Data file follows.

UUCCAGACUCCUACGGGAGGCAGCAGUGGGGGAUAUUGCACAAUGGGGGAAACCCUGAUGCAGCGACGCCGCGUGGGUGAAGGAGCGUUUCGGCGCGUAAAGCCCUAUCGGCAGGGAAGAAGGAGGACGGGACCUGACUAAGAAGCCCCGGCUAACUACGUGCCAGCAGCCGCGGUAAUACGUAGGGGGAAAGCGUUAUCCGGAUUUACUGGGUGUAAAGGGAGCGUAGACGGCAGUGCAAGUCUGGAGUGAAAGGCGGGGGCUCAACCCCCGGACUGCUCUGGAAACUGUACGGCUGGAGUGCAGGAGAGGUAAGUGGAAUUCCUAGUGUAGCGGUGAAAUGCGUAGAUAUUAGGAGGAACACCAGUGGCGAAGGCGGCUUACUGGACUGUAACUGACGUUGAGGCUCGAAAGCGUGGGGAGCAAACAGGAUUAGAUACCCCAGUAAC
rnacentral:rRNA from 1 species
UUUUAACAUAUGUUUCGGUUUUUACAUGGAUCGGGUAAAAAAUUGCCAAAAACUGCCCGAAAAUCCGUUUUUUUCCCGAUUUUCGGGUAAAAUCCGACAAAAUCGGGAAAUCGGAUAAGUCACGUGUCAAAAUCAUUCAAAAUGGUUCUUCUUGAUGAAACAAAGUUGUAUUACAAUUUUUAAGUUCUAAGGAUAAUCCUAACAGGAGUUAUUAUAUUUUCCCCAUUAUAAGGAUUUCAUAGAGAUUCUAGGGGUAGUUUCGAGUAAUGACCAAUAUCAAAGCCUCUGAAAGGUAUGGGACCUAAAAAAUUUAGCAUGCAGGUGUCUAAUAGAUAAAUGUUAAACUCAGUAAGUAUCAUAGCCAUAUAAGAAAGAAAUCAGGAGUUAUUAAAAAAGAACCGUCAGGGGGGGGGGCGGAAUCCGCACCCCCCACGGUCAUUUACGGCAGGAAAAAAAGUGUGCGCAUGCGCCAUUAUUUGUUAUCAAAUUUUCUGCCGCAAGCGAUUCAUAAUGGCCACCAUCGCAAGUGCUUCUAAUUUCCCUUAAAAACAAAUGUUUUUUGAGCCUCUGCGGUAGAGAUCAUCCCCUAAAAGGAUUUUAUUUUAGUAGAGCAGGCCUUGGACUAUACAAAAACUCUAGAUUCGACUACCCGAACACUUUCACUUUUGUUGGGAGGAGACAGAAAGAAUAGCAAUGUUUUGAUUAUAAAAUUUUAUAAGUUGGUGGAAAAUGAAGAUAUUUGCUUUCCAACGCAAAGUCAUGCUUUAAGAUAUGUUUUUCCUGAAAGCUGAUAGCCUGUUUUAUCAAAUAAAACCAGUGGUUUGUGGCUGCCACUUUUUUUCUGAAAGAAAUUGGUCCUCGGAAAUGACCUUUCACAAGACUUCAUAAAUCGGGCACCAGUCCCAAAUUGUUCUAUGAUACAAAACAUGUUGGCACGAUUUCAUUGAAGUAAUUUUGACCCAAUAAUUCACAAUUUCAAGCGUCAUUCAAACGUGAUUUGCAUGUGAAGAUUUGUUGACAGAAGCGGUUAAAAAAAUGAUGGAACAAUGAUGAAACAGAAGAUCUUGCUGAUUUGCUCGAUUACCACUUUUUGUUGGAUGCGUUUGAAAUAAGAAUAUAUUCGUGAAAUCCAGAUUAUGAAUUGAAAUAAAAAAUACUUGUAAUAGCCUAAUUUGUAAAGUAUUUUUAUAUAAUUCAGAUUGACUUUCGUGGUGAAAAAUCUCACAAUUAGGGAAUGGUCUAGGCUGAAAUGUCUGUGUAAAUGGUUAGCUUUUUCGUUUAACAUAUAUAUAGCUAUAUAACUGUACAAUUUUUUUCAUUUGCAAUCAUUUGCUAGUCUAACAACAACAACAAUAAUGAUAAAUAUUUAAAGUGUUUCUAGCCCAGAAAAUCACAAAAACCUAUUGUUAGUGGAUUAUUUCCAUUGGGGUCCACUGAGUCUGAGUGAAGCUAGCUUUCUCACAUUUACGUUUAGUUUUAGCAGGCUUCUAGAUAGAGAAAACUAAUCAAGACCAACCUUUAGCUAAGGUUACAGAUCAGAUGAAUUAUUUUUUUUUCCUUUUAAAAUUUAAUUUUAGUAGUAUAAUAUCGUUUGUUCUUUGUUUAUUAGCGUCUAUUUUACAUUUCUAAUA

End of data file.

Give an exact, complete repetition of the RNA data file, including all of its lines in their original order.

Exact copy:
UUCCAGACUCCUACGGGAGGCAGCAGUGGGGGAUAUUGCACAAUGGGGGAAACCCUGAUGCAGCGACGCCGCGUGGGUGAAGGAGCGUUUCGGCGCGUAAAGCCCUAUCGGCAGGGAAGAAGGAGGACGGGACCUGACUAAGAAGCCCCGGCUAACUACGUGCCAGCAGCCGCGGUAAUACGUAGGGGGAAAGCGUUAUCCGGAUUUACUGGGUGUAAAGGGAGCGUAGACGGCAGUGCAAGUCUGGAGUGAAAGGCGGGGGCUCAACCCCCGGACUGCUCUGGAAACUGUACGGCUGGAGUGCAGGAGAGGUAAGUGGAAUUCCUAGUGUAGCGGUGAAAUGCGUAGAUAUUAGGAGGAACACCAGUGGCGAAGGCGGCUUACUGGACUGUAACUGACGUUGAGGCUCGAAAGCGUGGGGAGCAAACAGGAUUAGAUACCCCAGUAAC
rnacentral:rRNA from 1 species
UUUUAACAUAUGUUUCGGUUUUUACAUGGAUCGGGUAAAAAAUUGCCAAAAACUGCCCGAAAAUCCGUUUUUUUCCCGAUUUUCGGGUAAAAUCCGACAAAAUCGGGAAAUCGGAUAAGUCACGUGUCAAAAUCAUUCAAAAUGGUUCUUCUUGAUGAAACAAAGUUGUAUUACAAUUUUUAAGUUCUAAGGAUAAUCCUAACAGGAGUUAUUAUAUUUUCCCCAUUAUAAGGAUUUCAUAGAGAUUCUAGGGGUAGUUUCGAGUAAUGACCAAUAUCAAAGCCUCUGAAAGGUAUGGGACCUAAAAAAUUUAGCAUGCAGGUGUCUAAUAGAUAAAUGUUAAACUCAGUAAGUAUCAUAGCCAUAUAAGAAAGAAAUCAGGAGUUAUUAAAAAAGAACCGUCAGGGGGGGGGGCGGAAUCCGCACCCCCCACGGUCAUUUACGGCAGGAAAAAAAGUGUGCGCAUGCGCCAUUAUUUGUUAUCAAAUUUUCUGCCGCAAGCGAUUCAUAAUGGCCACCAUCGCAAGUGCUUCUAAUUUCCCUUAAAAACAAAUGUUUUUUGAGCCUCUGCGGUAGAGAUCAUCCCCUAAAAGGAUUUUAUUUUAGUAGAGCAGGCCUUGGACUAUACAAAAACUCUAGAUUCGACUACCCGAACACUUUCACUUUUGUUGGGAGGAGACAGAAAGAAUAGCAAUGUUUUGAUUAUAAAAUUUUAUAAGUUGGUGGAAAAUGAAGAUAUUUGCUUUCCAACGCAAAGUCAUGCUUUAAGAUAUGUUUUUCCUGAAAGCUGAUAGCCUGUUUUAUCAAAUAAAACCAGUGGUUUGUGGCUGCCACUUUUUUUCUGAAAGAAAUUGGUCCUCGGAAAUGACCUUUCACAAGACUUCAUAAAUCGGGCACCAGUCCCAAAUUGUUCUAUGAUACAAAACAUGUUGGCACGAUUUCAUUGAAGUAAUUUUGACCCAAUAAUUCACAAUUUCAAGCGUCAUUCAAACGUGAUUUGCAUGUGAAGAUUUGUUGACAGAAGCGGUUAAAAAAAUGAUGGAACAAUGAUGAAACAGAAGAUCUUGCUGAUUUGCUCGAUUACCACUUUUUGUUGGAUGCGUUUGAAAUAAGAAUAUAUUCGUGAAAUCCAGAUUAUGAAUUGAAAUAAAAAAUACUUGUAAUAGCCUAAUUUGUAAAGUAUUUUUAUAUAAUUCAGAUUGACUUUCGUGGUGAAAAAUCUCACAAUUAGGGAAUGGUCUAGGCUGAAAUGUCUGUGUAAAUGGUUAGCUUUUUCGUUUAACAUAUAUAUAGCUAUAUAACUGUACAAUUUUUUUCAUUUGCAAUCAUUUGCUAGUCUAACAACAACAACAAUAAUGAUAAAUAUUUAAAGUGUUUCUAGCCCAGAAAAUCACAAAAACCUAUUGUUAGUGGAUUAUUUCCAUUGGGGUCCACUGAGUCUGAGUGAAGCUAGCUUUCUCACAUUUACGUUUAGUUUUAGCAGGCUUCUAGAUAGAGAAAACUAAUCAAGACCAACCUUUAGCUAAGGUUACAGAUCAGAUGAAUUAUUUUUUUUUCCUUUUAAAAUUUAAUUUUAGUAGUAUAAUAUCGUUUGUUCUUUGUUUAUUAGCGUCUAUUUUACAUUUCUAAUA